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[Engadget]Samsung to announce 2560 x 1600 10.1 tablet - Page 4

post #31 of 44
Quote:
Originally Posted by Seeing Red View Post
This discussion is starting to remind of a pre-view thread for a DAC over at Head-fi. It pretty much came down to the fact that a $200 DAC now can produce sound just as well as a DAC that costs $1200 (level matched of course). Even with all the low less connectors and noise isolation built into the expensive DAC there wasn't really a perceptible difference between the two. If anything the expensive DAC added distortion in a way which appealed to 'audiophiles.'

I think the main point is what humans can precieve is unmeasureable and different for every person. You will have to overshoot that percetible boundry in order to make sure you got everyone.

OT: How many consumers will be able to see the difference between 2560x1600 and 1280x800? Enough to make money out of it? I think the step is definitely over the line of the percetible boundry. The next step in resolution density will most likely go unnoticed to the naked eye so why pursue it. The primary purpose of this technology is to display information and I think marketing can only carry a product so far.

There is always going to be other areas of display technology they will and can constantly improve on such as contrast, black depth and color accuracy. Even those parameters will get to a point beyond human preception.
I understand what you're saying, but at the same time, it's not quite the same sort of situation. I'm sure people can perceive the differences in sound QUALITY from various sources (however slight/subtle those may be). What someone CANNOT do is hear things that the hairs in their ears/eardrums simply do not respond to. Or analagously, see things to a higher resolution than the rods/cones in their eye can detect at a given distance. There is no more fundamental limitation than that, and no one can detect beyond what their body's senses are capable of. You can quantitate what a sense is able to respond to (you can physically count the rods and cones in an eye, extrapolate out resolution capabilities vs. distance), and you can't "beat" the math once you approach that, not even with perception.
    
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post #32 of 44
Quote:
Originally Posted by E_man View Post
You don't happen to have proof of this? I can see that being true for old apps, but apps designed for 960x640 definitely seem to use it. If both the new and the old apps were rendered at the same resolution, you would think someone would have noticed...

Interesting side note. I compared the chromaticity diagram on my pentile galaxy s with a non pentile iPad.Interestingly they both handled the image very much the same, vibrancy aside.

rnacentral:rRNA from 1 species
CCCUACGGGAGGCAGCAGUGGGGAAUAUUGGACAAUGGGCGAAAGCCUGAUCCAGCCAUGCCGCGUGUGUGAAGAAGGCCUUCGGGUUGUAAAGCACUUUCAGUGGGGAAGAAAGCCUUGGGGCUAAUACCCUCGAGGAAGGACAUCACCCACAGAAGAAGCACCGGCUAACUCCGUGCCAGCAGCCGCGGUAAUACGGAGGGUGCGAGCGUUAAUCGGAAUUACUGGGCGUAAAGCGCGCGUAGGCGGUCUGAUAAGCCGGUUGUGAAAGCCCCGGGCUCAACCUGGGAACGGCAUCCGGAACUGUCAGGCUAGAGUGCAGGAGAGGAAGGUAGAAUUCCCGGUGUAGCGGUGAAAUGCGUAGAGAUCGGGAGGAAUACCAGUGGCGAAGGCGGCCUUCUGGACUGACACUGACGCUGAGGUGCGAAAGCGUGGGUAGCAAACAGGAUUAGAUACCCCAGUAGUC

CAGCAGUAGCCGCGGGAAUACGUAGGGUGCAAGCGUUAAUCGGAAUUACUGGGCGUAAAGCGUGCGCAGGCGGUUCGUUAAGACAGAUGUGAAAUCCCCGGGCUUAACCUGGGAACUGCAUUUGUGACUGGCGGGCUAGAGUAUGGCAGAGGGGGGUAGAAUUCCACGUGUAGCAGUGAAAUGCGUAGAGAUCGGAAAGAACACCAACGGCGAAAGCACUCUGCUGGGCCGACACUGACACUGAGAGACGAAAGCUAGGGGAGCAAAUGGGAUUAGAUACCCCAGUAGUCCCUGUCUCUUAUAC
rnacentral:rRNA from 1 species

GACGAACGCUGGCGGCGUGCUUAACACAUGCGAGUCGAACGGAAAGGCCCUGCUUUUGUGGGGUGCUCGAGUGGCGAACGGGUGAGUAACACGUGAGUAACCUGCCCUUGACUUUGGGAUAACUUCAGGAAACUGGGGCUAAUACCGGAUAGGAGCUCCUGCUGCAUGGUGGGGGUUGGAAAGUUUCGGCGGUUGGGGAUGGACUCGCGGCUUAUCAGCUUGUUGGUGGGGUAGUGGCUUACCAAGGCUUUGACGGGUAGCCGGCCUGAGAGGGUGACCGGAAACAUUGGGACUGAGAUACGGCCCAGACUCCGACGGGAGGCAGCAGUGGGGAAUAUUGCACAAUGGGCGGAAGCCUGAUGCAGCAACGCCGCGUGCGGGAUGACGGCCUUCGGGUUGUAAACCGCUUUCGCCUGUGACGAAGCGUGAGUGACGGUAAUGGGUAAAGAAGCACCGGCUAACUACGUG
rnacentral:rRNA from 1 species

RGBG pentile handles colors decently. It just can't handle edges, which is why text on the Galaxy S looks closer in resolution to my 480x320 iPod than my 800x480 Desire.

Try it with this image: http://static.arstechnica.com/03-21-2010/fig4-ia.png


But don't compare pixels. Pixels are useless when talking about phones.

Compare the physical sizes. The 3GS and iPhone 4 are both 3.5" screens. The physical size of the UI is the same. All of the buttons, text, icons are the exact same size. The iPhone 4 ones are just a little clearer.
    
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post #33 of 44
Quote:
Originally Posted by guyladouche View Post
I understand what you're saying, but at the same time, it's not quite the same sort of situation. I'm sure people can perceive the differences in sound QUALITY from various sources (however slight/subtle those may be). What someone CANNOT do is hear things that the hairs in their ears/eardrums simply do not respond to. Or analagously, see things to a higher resolution than the rods/cones in their eye can detect at a given distance. There is no more fundamental limitation than that, and no one can detect beyond what their body's senses are capable of. You can quantitate what a sense is able to respond to (you can physically count the rods and cones in an eye, extrapolate out resolution capabilities vs. distance), and you can't "beat" the math once you approach that, not even with perception.
I didn't say they were the same situation, it just reminded me of it. I probably shouldn't of included that part about adding distortion as it seemed to detract from the overall point. Anyways the point of DACs are to accurately reproduce the original sound. We have equipment that can do that at the $200 level. Adding excess amounts of components to provide clean power to the circuitry or gold plating the connectors in order to lower loss doesn't make a difference in how the end result sounds to humans. You can hook up an oscilloscope to the outputs and you might see a slight electrical difference, but who is the say that difference won't be lost in the transducers' imperfect frequency response or your imperfect ears.